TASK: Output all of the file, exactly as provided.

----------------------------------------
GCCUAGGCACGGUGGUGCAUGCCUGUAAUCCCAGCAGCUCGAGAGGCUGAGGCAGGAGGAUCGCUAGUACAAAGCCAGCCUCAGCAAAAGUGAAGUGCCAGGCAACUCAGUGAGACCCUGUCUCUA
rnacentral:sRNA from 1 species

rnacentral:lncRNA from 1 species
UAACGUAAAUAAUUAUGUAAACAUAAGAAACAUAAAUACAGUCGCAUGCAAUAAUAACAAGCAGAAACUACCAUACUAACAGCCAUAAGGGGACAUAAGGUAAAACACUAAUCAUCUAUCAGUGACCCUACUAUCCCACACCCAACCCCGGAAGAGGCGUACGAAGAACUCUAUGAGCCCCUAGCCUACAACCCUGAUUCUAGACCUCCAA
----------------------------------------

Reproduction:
GCCUAGGCACGGUGGUGCAUGCCUGUAAUCCCAGCAGCUCGAGAGGCUGAGGCAGGAGGAUCGCUAGUACAAAGCCAGCCUCAGCAAAAGUGAAGUGCCAGGCAACUCAGUGAGACCCUGUCUCUA
rnacentral:sRNA from 1 species

rnacentral:lncRNA from 1 species
UAACGUAAAUAAUUAUGUAAACAUAAGAAACAUAAAUACAGUCGCAUGCAAUAAUAACAAGCAGAAACUACCAUACUAACAGCCAUAAGGGGACAUAAGGUAAAACACUAAUCAUCUAUCAGUGACCCUACUAUCCCACACCCAACCCCGGAAGAGGCGUACGAAGAACUCUAUGAGCCCCUAGCCUACAACCCUGAUUCUAGACCUCCAA